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Chasing the Sea
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Chasing the Sea
Lost Among the Ghosts of Empire in Central Asia

by Tom Bissell (Uzbekistan 1996–97)
Pantheon Books
September 2003
416 pages
$24.95

Chasing the Sea
  Reviewed by Paul Shovlin (Moldova 1996–98)
 
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TOM BISSELL’S BOOK IS BITTERSWEET and hurts in the way that exceptional writing should. In his exploration of the biggest ecological disaster of our time, the gradual disappearance of the Aral Sea, he exposes the American reader to a topic that has probably escaped her/his noticed. It does, however, accomplish more than merely enlighten an audience in regard to this environmental travesty. It also revolves around a personal catharsis of sorts.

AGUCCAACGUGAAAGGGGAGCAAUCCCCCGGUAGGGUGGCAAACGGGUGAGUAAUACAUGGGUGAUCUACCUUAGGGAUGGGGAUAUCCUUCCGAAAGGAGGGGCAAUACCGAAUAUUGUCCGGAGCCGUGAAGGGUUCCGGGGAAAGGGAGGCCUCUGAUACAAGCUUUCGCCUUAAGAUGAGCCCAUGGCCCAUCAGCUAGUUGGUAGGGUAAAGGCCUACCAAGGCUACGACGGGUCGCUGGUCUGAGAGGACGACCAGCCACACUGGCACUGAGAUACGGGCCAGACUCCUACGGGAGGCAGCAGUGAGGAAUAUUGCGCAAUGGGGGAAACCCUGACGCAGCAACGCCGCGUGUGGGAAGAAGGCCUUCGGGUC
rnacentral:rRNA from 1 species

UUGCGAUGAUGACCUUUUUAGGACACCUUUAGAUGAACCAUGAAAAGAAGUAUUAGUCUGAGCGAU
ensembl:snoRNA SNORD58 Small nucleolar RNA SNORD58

In 1996, Bissell began Peace Corps service as an English teacher in Uzbekistan, Central Asia. After seven months, he ET’d, or early terminated, deciding that continuing his service was not in his best interest as a result of constant physical illness, mental fatigue, and stressors related to loved ones back home. He returned to the United States and found a publishing job in NYC. His experience in Uzbekistan, however difficult, stuck with him. After several years, he felt compelled to go back. A proposed magazine article led to the trip that would later grow into Chasing the Sea: Lost among the Ghosts of Empire in Central Asia.